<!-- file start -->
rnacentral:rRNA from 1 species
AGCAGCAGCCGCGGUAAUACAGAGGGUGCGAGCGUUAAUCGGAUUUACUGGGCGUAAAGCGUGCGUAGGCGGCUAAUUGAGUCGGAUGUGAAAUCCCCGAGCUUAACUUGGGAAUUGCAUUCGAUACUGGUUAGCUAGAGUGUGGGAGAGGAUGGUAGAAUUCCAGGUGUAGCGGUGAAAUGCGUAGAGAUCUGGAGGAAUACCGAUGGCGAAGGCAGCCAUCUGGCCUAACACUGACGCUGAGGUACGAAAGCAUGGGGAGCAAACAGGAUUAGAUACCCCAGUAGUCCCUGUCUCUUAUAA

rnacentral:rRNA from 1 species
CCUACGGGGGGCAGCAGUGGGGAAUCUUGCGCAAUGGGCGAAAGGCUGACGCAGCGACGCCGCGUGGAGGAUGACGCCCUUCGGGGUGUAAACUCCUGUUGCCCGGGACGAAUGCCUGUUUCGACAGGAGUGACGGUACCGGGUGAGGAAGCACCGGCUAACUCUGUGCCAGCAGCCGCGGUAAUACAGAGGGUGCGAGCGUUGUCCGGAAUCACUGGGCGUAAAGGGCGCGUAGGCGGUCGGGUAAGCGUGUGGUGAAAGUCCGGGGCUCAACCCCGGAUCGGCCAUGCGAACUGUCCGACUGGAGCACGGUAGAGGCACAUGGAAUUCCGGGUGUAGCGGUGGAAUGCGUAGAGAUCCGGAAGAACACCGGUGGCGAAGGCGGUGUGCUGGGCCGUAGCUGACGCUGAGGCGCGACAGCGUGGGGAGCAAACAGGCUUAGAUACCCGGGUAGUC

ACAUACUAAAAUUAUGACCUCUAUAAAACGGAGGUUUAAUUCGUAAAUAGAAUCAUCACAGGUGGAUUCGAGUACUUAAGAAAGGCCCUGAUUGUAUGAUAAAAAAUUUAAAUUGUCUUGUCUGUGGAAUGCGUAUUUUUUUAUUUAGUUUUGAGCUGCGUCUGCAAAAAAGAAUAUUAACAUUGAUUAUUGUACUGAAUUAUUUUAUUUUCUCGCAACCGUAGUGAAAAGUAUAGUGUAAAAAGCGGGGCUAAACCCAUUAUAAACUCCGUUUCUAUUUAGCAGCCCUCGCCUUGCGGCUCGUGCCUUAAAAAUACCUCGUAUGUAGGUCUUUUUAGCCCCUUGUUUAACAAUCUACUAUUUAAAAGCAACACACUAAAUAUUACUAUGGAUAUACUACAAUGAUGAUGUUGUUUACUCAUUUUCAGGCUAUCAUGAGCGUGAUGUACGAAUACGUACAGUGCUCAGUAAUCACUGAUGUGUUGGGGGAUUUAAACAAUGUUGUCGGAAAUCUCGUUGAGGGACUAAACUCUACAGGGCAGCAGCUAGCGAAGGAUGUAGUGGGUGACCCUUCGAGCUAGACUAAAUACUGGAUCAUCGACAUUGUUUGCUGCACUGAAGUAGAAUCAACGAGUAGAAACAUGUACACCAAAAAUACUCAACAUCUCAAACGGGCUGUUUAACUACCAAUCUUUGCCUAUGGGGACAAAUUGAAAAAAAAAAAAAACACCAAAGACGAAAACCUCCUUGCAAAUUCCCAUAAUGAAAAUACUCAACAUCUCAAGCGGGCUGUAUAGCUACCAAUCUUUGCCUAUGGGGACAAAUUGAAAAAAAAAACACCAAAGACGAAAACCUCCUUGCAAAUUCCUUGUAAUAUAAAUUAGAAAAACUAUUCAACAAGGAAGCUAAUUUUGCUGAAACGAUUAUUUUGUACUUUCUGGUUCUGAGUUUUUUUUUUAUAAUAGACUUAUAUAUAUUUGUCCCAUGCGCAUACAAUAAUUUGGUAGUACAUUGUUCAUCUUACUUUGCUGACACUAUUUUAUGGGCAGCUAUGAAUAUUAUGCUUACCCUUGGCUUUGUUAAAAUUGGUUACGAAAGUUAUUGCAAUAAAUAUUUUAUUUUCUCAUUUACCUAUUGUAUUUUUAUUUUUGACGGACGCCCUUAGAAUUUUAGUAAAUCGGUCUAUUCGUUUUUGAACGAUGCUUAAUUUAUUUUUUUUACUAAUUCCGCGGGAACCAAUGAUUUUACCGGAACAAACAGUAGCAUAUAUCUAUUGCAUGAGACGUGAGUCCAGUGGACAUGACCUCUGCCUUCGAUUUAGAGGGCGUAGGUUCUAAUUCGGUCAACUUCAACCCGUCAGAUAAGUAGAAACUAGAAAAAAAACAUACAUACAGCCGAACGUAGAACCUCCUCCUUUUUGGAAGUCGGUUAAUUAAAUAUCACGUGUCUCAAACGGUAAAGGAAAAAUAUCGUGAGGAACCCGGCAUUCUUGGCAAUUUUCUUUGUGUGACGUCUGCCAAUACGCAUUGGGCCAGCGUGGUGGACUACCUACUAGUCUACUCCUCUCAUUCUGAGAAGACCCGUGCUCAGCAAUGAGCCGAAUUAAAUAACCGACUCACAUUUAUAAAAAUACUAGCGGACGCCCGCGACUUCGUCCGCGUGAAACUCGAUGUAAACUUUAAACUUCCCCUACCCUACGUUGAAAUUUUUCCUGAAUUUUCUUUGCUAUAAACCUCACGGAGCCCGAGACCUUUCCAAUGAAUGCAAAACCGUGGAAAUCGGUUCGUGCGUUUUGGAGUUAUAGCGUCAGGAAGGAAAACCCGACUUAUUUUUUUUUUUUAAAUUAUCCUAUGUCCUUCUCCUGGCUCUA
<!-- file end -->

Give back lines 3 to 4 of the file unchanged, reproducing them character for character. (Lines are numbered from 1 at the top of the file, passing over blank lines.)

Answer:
rnacentral:rRNA from 1 species
CCUACGGGGGGCAGCAGUGGGGAAUCUUGCGCAAUGGGCGAAAGGCUGACGCAGCGACGCCGCGUGGAGGAUGACGCCCUUCGGGGUGUAAACUCCUGUUGCCCGGGACGAAUGCCUGUUUCGACAGGAGUGACGGUACCGGGUGAGGAAGCACCGGCUAACUCUGUGCCAGCAGCCGCGGUAAUACAGAGGGUGCGAGCGUUGUCCGGAAUCACUGGGCGUAAAGGGCGCGUAGGCGGUCGGGUAAGCGUGUGGUGAAAGUCCGGGGCUCAACCCCGGAUCGGCCAUGCGAACUGUCCGACUGGAGCACGGUAGAGGCACAUGGAAUUCCGGGUGUAGCGGUGGAAUGCGUAGAGAUCCGGAAGAACACCGGUGGCGAAGGCGGUGUGCUGGGCCGUAGCUGACGCUGAGGCGCGACAGCGUGGGGAGCAAACAGGCUUAGAUACCCGGGUAGUC